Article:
My Financial Advice for young people, especially if you're just entering the workforce:
- assume you'll get nothing from Social Security when you retire. Invest and budget accordingly.
- start investing in any retirement, stock investment, 401(k) plan, or anything your employer offers, ASAP.
- when you get a raise, put half of it into those contributory plans and take the other half home
- ... Until you're maxed out in all of the plans.
- pay off your home mortgage as quickly as possible. It may not be the best investment in terms of ROI, but there are few feelings in the world as good as not having to make a mortgage payment every month, and it does wonders to your budgeting!
How to budget for your retirement:
- Estimate your yearly gross salary at the time you expect to retire.
- Multiply that number by 20 [yes, twenty!].
- Add approximately 40% [ ie, multiply that number by 1.4 ].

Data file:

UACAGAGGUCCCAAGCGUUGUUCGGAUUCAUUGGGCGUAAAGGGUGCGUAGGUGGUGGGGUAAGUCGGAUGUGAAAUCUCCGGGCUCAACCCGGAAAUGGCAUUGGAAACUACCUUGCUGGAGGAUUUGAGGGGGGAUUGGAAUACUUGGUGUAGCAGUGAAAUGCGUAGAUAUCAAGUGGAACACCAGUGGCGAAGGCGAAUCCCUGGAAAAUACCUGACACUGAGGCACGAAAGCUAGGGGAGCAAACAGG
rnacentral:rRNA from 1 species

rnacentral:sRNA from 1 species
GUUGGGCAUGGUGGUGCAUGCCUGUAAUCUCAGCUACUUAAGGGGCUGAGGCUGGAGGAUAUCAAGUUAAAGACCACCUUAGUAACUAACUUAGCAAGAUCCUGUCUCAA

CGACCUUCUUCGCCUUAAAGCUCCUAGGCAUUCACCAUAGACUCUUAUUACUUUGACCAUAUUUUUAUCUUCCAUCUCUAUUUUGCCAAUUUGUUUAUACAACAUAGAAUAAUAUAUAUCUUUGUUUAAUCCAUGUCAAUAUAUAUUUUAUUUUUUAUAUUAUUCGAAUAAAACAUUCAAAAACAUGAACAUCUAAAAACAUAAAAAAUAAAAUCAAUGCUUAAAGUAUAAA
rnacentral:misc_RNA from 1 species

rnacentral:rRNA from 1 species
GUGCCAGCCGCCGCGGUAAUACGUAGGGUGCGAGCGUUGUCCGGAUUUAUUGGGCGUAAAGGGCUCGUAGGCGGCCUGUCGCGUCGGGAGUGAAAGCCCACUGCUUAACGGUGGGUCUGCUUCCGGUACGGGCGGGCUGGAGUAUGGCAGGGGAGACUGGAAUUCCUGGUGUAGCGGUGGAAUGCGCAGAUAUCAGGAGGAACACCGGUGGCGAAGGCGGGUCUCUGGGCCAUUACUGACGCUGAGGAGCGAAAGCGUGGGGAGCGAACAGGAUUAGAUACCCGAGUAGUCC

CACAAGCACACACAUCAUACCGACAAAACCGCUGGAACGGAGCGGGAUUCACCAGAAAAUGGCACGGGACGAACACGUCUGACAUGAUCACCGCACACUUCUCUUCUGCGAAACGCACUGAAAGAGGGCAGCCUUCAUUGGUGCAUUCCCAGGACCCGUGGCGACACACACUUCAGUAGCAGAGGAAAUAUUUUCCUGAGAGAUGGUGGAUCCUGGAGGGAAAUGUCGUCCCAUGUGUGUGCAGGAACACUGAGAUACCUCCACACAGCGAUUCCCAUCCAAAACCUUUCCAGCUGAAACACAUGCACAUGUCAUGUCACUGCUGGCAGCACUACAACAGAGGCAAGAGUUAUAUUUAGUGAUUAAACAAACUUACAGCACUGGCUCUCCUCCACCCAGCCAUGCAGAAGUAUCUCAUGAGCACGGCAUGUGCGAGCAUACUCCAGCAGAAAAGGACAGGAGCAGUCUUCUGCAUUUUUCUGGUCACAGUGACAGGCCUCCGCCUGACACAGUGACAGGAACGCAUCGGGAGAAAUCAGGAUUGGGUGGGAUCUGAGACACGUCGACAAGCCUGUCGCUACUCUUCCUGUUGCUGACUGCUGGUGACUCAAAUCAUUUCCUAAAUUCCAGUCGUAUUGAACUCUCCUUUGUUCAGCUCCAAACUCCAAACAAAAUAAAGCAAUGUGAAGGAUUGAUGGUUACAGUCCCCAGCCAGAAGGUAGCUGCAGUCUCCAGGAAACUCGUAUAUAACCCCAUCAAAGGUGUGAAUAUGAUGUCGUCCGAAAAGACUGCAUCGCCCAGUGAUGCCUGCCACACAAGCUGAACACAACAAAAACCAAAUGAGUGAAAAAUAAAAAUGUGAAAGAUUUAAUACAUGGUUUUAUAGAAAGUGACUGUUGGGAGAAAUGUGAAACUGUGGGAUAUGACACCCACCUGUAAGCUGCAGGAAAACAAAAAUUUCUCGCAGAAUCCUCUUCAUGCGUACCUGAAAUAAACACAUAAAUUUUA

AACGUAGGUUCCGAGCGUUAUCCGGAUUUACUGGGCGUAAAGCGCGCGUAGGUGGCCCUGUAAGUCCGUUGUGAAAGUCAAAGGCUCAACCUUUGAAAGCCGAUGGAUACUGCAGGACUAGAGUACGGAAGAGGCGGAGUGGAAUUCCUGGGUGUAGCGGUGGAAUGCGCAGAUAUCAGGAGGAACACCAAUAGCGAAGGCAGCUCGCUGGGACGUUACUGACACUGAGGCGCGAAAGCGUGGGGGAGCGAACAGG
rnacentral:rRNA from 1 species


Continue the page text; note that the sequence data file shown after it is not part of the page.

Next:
- That is roughly how much you should have "in the bank" [actually, in growth and interest-producing investments] on the day you retire.
- Anyone who tells you your total living expenses will be 20% lower in retirement is a fool or a liar. You'll need roughly the same gross income after retirement as before.
- If your investments return, on average, 5% per year, 1 / 5% = 20. You need twenty times your final gross salary inside your investment portfolio if it returns 5% per year, in order to produce your last salary on a yearly basis. Basic math.
- Why multiply by 1.4? Because some time during your retirement, there will be a "market crash," recession, depression or some kind of financial shock to your overall investments which will whack it down by 20-30%. A 30% drop from a 140% starting point still leaves you with about 98% of your original requirement. Simple math, again.
- Over the long haul, it may be possible to average 5% a year gain with a diversified stock and bond portfolio, so even with inflation, you'll come close to "never running out of money before you run out of years."